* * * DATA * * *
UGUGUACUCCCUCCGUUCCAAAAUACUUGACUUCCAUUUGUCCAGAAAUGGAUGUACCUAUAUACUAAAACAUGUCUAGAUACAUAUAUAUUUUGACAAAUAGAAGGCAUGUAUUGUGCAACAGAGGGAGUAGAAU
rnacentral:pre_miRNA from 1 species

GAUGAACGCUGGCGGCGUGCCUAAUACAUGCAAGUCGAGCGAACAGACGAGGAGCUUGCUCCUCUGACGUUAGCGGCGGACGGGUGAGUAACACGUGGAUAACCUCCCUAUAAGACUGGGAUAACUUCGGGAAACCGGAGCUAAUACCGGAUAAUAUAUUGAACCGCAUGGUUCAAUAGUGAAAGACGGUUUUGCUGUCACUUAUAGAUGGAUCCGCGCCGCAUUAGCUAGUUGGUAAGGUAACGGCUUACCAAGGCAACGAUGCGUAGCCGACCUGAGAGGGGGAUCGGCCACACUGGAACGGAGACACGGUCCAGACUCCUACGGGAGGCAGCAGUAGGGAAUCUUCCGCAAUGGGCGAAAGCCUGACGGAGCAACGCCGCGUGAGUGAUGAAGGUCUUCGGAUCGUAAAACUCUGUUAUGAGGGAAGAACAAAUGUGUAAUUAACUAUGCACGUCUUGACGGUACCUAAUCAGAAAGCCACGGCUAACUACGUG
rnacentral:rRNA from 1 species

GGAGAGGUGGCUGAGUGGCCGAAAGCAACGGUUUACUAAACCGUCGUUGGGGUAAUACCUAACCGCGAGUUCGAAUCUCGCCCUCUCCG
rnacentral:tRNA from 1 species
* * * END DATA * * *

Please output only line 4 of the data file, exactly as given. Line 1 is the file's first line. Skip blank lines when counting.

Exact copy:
rnacentral:rRNA from 1 species